The age helps a bit, but every case is different. If you can, locate a pediatric urologist; things with kids are just very different than with adults.
Depending on whether any pain is present, the rate of urinary infections, etc., those things will affect whether the docs advise treating soon or waiting a few years. As mentioned, a lot of cases just sort themselves out as the body grows and the organs take on their final form and position.
And some additional tests might indicate whether there is some structural problem with the ureter-bladder path that might benefit from surgery or other intervention.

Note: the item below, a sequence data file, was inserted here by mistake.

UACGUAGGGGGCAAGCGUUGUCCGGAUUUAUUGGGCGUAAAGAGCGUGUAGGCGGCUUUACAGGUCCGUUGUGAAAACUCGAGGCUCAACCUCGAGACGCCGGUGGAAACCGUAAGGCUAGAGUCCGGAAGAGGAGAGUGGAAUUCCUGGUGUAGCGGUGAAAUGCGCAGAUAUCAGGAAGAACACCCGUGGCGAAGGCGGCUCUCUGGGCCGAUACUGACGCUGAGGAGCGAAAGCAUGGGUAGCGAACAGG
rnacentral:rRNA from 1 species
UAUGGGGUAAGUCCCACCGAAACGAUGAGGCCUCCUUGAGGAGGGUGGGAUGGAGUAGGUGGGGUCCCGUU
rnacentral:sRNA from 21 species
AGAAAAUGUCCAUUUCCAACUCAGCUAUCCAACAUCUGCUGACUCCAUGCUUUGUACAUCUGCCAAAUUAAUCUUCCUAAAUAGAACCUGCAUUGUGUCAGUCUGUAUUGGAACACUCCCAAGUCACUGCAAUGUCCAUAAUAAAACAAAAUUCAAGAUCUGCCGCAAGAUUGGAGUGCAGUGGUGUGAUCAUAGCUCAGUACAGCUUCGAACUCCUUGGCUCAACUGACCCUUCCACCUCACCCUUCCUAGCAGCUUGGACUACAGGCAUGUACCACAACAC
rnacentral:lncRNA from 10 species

It's just impossible to make any general assumptions. It is, however, probably safe to assume that there is not yet any severe permanent damage to the kidney, as long as the blood test numbers look good, and urinary infections are not very frequent or hard to treat.
Talk to the doc in detail for more specifics, since the local doc has all the relevant test results.
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